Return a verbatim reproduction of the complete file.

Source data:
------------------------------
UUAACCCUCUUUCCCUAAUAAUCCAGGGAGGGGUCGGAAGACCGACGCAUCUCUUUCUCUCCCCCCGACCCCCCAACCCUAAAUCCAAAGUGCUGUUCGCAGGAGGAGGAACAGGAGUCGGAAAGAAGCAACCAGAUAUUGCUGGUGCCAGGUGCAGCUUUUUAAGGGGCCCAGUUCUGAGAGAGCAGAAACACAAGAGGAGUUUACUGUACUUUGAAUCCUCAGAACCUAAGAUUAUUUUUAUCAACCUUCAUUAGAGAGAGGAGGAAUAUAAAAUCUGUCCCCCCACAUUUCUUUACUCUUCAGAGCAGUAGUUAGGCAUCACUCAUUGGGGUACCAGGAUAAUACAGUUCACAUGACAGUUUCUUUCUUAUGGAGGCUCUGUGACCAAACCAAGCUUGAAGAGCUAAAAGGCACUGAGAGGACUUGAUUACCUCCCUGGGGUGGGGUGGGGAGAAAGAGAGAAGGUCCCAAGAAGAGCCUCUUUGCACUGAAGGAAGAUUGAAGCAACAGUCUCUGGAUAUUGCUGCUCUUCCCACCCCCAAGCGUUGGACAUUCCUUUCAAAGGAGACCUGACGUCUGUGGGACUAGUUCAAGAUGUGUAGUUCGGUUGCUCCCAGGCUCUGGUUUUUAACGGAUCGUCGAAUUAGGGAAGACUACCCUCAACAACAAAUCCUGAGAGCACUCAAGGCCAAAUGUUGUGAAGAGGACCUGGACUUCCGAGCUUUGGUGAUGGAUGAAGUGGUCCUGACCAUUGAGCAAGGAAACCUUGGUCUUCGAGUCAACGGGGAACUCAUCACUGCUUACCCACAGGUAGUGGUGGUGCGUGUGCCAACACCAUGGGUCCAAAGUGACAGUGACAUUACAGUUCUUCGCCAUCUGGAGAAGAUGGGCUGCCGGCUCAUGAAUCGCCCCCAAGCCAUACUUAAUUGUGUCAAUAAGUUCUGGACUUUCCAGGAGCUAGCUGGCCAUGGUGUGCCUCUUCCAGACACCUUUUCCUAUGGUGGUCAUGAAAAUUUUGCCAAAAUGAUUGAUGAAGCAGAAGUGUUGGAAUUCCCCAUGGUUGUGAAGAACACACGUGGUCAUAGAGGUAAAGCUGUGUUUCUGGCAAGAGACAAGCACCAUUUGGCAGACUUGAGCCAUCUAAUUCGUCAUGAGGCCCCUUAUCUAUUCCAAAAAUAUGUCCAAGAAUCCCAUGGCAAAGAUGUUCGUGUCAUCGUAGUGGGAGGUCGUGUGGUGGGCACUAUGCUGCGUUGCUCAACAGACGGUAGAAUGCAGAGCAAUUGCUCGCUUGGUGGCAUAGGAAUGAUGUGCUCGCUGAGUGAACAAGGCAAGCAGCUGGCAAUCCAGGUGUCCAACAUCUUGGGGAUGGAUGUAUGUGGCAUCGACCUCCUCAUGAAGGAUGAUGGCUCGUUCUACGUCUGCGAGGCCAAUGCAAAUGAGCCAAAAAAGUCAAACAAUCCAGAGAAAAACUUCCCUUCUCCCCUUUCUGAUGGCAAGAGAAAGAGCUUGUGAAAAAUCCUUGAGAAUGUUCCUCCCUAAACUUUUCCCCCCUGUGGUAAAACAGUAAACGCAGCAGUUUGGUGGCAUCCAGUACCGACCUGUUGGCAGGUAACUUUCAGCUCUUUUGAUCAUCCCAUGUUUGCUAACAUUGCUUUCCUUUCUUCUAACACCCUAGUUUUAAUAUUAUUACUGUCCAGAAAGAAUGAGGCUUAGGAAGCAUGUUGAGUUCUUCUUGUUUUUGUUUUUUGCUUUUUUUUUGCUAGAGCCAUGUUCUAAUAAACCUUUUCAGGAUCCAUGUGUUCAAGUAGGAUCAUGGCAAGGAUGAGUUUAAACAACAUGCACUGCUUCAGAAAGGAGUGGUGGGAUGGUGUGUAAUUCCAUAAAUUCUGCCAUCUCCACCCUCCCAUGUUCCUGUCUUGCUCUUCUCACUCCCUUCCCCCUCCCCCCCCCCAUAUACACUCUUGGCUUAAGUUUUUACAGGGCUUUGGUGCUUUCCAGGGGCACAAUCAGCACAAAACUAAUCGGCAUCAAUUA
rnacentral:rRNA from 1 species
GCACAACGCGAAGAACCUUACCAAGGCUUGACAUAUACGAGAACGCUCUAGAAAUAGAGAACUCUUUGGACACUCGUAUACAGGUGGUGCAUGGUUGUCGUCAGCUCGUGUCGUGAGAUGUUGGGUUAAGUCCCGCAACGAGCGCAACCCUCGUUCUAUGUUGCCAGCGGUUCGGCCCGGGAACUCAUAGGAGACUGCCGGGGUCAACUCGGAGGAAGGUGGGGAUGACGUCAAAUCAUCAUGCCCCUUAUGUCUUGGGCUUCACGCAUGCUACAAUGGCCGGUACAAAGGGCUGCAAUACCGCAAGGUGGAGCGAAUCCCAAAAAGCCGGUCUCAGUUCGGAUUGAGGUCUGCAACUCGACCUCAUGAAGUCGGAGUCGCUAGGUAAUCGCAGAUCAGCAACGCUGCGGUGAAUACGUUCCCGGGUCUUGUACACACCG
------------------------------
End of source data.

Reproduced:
UUAACCCUCUUUCCCUAAUAAUCCAGGGAGGGGUCGGAAGACCGACGCAUCUCUUUCUCUCCCCCCGACCCCCCAACCCUAAAUCCAAAGUGCUGUUCGCAGGAGGAGGAACAGGAGUCGGAAAGAAGCAACCAGAUAUUGCUGGUGCCAGGUGCAGCUUUUUAAGGGGCCCAGUUCUGAGAGAGCAGAAACACAAGAGGAGUUUACUGUACUUUGAAUCCUCAGAACCUAAGAUUAUUUUUAUCAACCUUCAUUAGAGAGAGGAGGAAUAUAAAAUCUGUCCCCCCACAUUUCUUUACUCUUCAGAGCAGUAGUUAGGCAUCACUCAUUGGGGUACCAGGAUAAUACAGUUCACAUGACAGUUUCUUUCUUAUGGAGGCUCUGUGACCAAACCAAGCUUGAAGAGCUAAAAGGCACUGAGAGGACUUGAUUACCUCCCUGGGGUGGGGUGGGGAGAAAGAGAGAAGGUCCCAAGAAGAGCCUCUUUGCACUGAAGGAAGAUUGAAGCAACAGUCUCUGGAUAUUGCUGCUCUUCCCACCCCCAAGCGUUGGACAUUCCUUUCAAAGGAGACCUGACGUCUGUGGGACUAGUUCAAGAUGUGUAGUUCGGUUGCUCCCAGGCUCUGGUUUUUAACGGAUCGUCGAAUUAGGGAAGACUACCCUCAACAACAAAUCCUGAGAGCACUCAAGGCCAAAUGUUGUGAAGAGGACCUGGACUUCCGAGCUUUGGUGAUGGAUGAAGUGGUCCUGACCAUUGAGCAAGGAAACCUUGGUCUUCGAGUCAACGGGGAACUCAUCACUGCUUACCCACAGGUAGUGGUGGUGCGUGUGCCAACACCAUGGGUCCAAAGUGACAGUGACAUUACAGUUCUUCGCCAUCUGGAGAAGAUGGGCUGCCGGCUCAUGAAUCGCCCCCAAGCCAUACUUAAUUGUGUCAAUAAGUUCUGGACUUUCCAGGAGCUAGCUGGCCAUGGUGUGCCUCUUCCAGACACCUUUUCCUAUGGUGGUCAUGAAAAUUUUGCCAAAAUGAUUGAUGAAGCAGAAGUGUUGGAAUUCCCCAUGGUUGUGAAGAACACACGUGGUCAUAGAGGUAAAGCUGUGUUUCUGGCAAGAGACAAGCACCAUUUGGCAGACUUGAGCCAUCUAAUUCGUCAUGAGGCCCCUUAUCUAUUCCAAAAAUAUGUCCAAGAAUCCCAUGGCAAAGAUGUUCGUGUCAUCGUAGUGGGAGGUCGUGUGGUGGGCACUAUGCUGCGUUGCUCAACAGACGGUAGAAUGCAGAGCAAUUGCUCGCUUGGUGGCAUAGGAAUGAUGUGCUCGCUGAGUGAACAAGGCAAGCAGCUGGCAAUCCAGGUGUCCAACAUCUUGGGGAUGGAUGUAUGUGGCAUCGACCUCCUCAUGAAGGAUGAUGGCUCGUUCUACGUCUGCGAGGCCAAUGCAAAUGAGCCAAAAAAGUCAAACAAUCCAGAGAAAAACUUCCCUUCUCCCCUUUCUGAUGGCAAGAGAAAGAGCUUGUGAAAAAUCCUUGAGAAUGUUCCUCCCUAAACUUUUCCCCCCUGUGGUAAAACAGUAAACGCAGCAGUUUGGUGGCAUCCAGUACCGACCUGUUGGCAGGUAACUUUCAGCUCUUUUGAUCAUCCCAUGUUUGCUAACAUUGCUUUCCUUUCUUCUAACACCCUAGUUUUAAUAUUAUUACUGUCCAGAAAGAAUGAGGCUUAGGAAGCAUGUUGAGUUCUUCUUGUUUUUGUUUUUUGCUUUUUUUUUGCUAGAGCCAUGUUCUAAUAAACCUUUUCAGGAUCCAUGUGUUCAAGUAGGAUCAUGGCAAGGAUGAGUUUAAACAACAUGCACUGCUUCAGAAAGGAGUGGUGGGAUGGUGUGUAAUUCCAUAAAUUCUGCCAUCUCCACCCUCCCAUGUUCCUGUCUUGCUCUUCUCACUCCCUUCCCCCUCCCCCCCCCCAUAUACACUCUUGGCUUAAGUUUUUACAGGGCUUUGGUGCUUUCCAGGGGCACAAUCAGCACAAAACUAAUCGGCAUCAAUUA
rnacentral:rRNA from 1 species
GCACAACGCGAAGAACCUUACCAAGGCUUGACAUAUACGAGAACGCUCUAGAAAUAGAGAACUCUUUGGACACUCGUAUACAGGUGGUGCAUGGUUGUCGUCAGCUCGUGUCGUGAGAUGUUGGGUUAAGUCCCGCAACGAGCGCAACCCUCGUUCUAUGUUGCCAGCGGUUCGGCCCGGGAACUCAUAGGAGACUGCCGGGGUCAACUCGGAGGAAGGUGGGGAUGACGUCAAAUCAUCAUGCCCCUUAUGUCUUGGGCUUCACGCAUGCUACAAUGGCCGGUACAAAGGGCUGCAAUACCGCAAGGUGGAGCGAAUCCCAAAAAGCCGGUCUCAGUUCGGAUUGAGGUCUGCAACUCGACCUCAUGAAGUCGGAGUCGCUAGGUAAUCGCAGAUCAGCAACGCUGCGGUGAAUACGUUCCCGGGUCUUGUACACACCG